by Clay Cormany
Genre: YA Romance
Release Date: November 4, 2014
What does a high school boy do if he thinks the girl of his dreams will be an assistant for the softball team his mother coaches? Easy! He volunteers to be an assistant, too. That’s what Jace Waldron does in Fast-Pitch Love. It might be his only chance to make a move on Stephanie Thornapple while her boyfriend is away. But Jace’s plans go awry, and soon he faces the double challenge of coaching a team of mischievous preteen girls and learning there is more to romance than physical attraction.
“The books has some unexpected twists and turns as the likeable but somewhat hapless Jace grows into a young man who takes responsibility for his life and his choices. Softball aficionados will have a particular affinity for this book because its game descriptions are extensive and detailed. Those who don’t know softball will come to like and admire the young protagonist.” Gretchen Hirsch, author and book doctor
“I enjoyed this young adult novel by Clay Cormany. The story told from a guy’s perspective made it especially interesting. I think a lot of young women would enjoy seeing romance from a guy’s point of view. I also liked that the novel was innocent without gratuitous sex or swear words.” Paulita Kincer, author of The Summer of France and Trail Mix
“Like the spin on a fastball, Fast-Pitch Love puts a new spin on the age old boy meets girl phenomenon. And what a wonderful spin it is. Clay Cormany weaves together the twin themes of teenage infatuation and a girls’ softball team. Along the way he does a wonderful job of mixing the excitement of youth sports with the impending showdown between two suitors of the same pretty girl.” The Dane
“Fast-Pitch Love is an unusual coming-of- age story since it’s told from the guy’s point of view. The characters are likeable and believable; the action well paced. You don’t need to be a softball player, or even an athlete, to thoroughly enjoy Fast-Pitch Love.” Louise
He took a couple of practice swings before shouting, “Get ready!”
“Don’t hit it too hard,” said Dana, repeating her earlier plea.
Jace first punched out a soft roller that Angela scooped up. “Nice job,” he said, as she heaved the ball back to him.
Again he hit the ball on the ground – somewhat harder. Kay reached for the ball, bobbled it, but kept it in front of her.
“Good, at least you didn’t let it go under your legs,” Jace said.
“Hit it in the air,” barked Lauren, pounding her glove.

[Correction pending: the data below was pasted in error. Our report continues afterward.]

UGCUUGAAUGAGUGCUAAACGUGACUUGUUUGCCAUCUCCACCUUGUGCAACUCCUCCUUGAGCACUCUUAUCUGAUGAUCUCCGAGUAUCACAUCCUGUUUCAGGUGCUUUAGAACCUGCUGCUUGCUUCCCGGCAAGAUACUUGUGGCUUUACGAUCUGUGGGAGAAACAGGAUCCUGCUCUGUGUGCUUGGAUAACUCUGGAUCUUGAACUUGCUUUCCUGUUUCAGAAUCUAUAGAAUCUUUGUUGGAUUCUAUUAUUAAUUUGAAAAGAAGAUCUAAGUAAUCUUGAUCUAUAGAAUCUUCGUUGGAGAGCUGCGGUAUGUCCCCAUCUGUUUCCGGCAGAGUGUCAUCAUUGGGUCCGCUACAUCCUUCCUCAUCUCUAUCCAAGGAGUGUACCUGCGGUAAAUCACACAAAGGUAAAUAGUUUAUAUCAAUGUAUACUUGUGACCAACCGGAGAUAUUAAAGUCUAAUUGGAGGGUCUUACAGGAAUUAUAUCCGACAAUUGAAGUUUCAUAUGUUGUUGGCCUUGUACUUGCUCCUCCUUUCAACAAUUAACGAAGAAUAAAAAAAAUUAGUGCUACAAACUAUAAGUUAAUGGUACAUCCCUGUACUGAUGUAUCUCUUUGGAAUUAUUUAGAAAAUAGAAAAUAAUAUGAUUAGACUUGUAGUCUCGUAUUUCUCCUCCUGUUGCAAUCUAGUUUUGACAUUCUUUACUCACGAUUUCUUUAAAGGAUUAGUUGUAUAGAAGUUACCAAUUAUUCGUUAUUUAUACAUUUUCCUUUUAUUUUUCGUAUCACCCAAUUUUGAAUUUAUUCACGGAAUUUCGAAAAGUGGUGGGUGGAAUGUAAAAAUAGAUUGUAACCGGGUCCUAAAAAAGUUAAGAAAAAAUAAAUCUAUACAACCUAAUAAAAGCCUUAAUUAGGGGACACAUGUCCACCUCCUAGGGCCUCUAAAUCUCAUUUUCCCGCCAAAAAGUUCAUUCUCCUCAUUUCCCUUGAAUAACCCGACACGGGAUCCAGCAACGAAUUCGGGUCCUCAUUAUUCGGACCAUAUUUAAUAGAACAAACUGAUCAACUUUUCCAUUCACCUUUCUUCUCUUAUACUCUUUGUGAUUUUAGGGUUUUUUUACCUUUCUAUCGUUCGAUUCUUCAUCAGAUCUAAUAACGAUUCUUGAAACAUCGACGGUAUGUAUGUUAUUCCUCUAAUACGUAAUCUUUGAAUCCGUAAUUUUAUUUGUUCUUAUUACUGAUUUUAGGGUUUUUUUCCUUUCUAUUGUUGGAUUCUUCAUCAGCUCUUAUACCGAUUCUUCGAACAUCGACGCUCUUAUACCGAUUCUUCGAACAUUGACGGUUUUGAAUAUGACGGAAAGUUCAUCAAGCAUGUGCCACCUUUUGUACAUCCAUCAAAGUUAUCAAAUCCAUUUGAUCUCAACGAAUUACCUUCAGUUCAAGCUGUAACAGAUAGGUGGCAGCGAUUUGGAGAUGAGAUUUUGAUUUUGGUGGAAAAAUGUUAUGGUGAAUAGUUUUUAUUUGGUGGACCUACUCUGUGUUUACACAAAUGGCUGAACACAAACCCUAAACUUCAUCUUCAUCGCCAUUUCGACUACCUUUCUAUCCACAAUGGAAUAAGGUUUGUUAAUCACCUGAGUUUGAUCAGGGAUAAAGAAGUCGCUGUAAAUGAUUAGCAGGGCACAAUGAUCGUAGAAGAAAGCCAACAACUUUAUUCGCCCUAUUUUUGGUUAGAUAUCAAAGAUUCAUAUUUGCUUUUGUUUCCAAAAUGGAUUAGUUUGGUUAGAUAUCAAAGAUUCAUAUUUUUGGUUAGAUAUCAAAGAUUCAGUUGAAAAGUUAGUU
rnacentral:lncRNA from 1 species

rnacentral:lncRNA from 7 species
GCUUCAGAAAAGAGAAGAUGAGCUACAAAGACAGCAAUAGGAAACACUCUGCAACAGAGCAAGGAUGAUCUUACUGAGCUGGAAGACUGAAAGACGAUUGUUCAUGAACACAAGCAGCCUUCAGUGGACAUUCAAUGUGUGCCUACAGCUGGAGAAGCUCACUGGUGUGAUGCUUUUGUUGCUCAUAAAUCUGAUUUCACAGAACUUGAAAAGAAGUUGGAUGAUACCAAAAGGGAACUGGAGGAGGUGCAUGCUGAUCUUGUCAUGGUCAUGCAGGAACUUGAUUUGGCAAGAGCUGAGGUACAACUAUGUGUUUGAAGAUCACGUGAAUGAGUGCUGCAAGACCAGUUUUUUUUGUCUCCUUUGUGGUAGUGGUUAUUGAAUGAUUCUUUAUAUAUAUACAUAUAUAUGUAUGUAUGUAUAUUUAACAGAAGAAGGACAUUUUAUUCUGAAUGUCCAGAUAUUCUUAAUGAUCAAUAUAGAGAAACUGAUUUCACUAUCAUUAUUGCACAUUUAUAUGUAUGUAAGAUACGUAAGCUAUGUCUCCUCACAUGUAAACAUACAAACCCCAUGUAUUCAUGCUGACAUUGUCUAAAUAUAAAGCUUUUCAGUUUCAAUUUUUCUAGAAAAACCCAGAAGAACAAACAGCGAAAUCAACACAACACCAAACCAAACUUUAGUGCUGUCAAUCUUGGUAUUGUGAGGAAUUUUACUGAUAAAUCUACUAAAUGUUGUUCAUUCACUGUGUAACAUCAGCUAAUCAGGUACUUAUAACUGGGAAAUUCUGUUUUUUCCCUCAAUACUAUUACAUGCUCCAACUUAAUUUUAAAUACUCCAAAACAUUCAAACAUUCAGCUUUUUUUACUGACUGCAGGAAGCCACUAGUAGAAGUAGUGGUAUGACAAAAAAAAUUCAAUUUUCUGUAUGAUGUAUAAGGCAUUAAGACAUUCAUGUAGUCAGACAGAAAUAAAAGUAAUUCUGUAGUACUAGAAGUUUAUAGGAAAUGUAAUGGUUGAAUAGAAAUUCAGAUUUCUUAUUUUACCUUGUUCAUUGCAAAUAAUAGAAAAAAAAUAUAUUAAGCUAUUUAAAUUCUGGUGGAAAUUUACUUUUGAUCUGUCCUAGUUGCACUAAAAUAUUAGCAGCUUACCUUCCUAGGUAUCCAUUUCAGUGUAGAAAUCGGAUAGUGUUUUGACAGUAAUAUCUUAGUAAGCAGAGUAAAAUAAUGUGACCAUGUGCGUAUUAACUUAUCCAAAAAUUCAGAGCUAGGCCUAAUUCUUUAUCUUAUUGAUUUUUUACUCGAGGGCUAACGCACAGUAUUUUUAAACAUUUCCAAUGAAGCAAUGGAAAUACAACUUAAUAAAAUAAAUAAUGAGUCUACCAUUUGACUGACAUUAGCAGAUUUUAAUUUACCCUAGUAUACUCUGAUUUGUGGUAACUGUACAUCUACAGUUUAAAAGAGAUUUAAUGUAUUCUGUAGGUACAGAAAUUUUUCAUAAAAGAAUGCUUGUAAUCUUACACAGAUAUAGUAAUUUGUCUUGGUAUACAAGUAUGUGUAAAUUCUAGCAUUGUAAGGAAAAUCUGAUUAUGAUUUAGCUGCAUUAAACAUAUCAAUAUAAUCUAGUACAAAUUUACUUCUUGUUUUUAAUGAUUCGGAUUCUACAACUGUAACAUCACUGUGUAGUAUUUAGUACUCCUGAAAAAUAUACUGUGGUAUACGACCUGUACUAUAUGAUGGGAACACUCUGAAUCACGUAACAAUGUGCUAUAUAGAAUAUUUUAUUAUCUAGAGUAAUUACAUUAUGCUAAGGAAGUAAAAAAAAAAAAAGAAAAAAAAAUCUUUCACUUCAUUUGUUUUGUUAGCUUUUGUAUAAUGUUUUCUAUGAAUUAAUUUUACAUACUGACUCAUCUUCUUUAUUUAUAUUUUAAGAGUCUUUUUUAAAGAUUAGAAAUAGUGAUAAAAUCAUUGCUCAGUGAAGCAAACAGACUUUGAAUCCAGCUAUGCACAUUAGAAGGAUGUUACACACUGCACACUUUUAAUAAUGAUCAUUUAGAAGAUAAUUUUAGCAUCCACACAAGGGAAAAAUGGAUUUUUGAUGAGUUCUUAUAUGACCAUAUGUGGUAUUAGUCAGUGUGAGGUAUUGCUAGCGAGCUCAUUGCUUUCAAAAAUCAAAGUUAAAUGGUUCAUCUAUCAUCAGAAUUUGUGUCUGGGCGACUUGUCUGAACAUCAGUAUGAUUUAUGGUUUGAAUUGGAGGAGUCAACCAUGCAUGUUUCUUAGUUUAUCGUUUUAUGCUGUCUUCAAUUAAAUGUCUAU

“Yeah, hit in the air,” chimed in Phoebe.
“In a minute,” Jace answered. “You still need practice with these grounders.”
His third hit ball was harder still, and it changed direction after striking a clump of grass. But it posed no big problem for Tina, who snared the spinning sphere with ease and threw it back with laser-like precision.
“Nice, one Tina,” Jace said.
“Yeah, great job little sis,” a female voice exclaimed behind him.
Jace needed just one second to realize that although this voice was familiar, it did not belong to Sylvia, his mother, or any member of the Valkyries. It took another second for him to spin around and much less than a second for his heart to do a somersault as his eyes fell on the exquisite figure of Stephanie Thornapple. She carried a canvas tote and wore a blue-and- white two-piece bathing suit that accented every alluring feature of her body.
Tina stared at her sister in surprise. “Are you going to watch the practice?” she asked.
“Maybe later,” she said. “I have to go over to the pool first.” She looked at Jace for a few seconds before walking away.
Whether it was the surprise of Stephanie’s appearance or the surge of desire from seeing her in that bathing suit, a blast of adrenaline shot through Jace, and the next ball he hit came off the bat like a howitzer shot. It dipped, struck the ground, and then flew up and caromed off Heather’s knee. From there, it went toward Dana’s head and smacked her above the nose, splitting her glasses into two parts. Even after wreaking such havoc, the ball still had enough momentum to strike Lauren in the shoulder and bring tears to her eyes. The other two girls were also wailing. While Dana groped in the grass, trying to locate her smashed glasses, Heather pointed an accusing finger at him.
“You stupid dope,” she said between sobs. “You hit it too hard.”
“I – I – I’m sorry,” Jace stammered. “I wasn’t thinking.”
“That’s because you’re a big poop head,” said Lauren, who rubbed her wounded shoulder.
About the Author
Before writing Fast-Pitch Love, Clay Cormany spent over 20 years as a writer and editor for Ohio’s State Board of Education. His creative work has appeared in numerous central Ohio publications, including the Columbus Dispatch and Spring Street, Columbus State Community College’s literary magazine. He has also edited numerous books, including a three-volume biography of Christopher Columbus and A Death Prolonged by Dr. Jeff Gordon, which received coverage in the New York Times and on PBS. Fast-Pitch Love reflects the two years Cormany spent interacting with softball players and coaches both in practice and competition. He contributes the earnings from sale of the book to girls softball programs in central Ohio and elsewhere.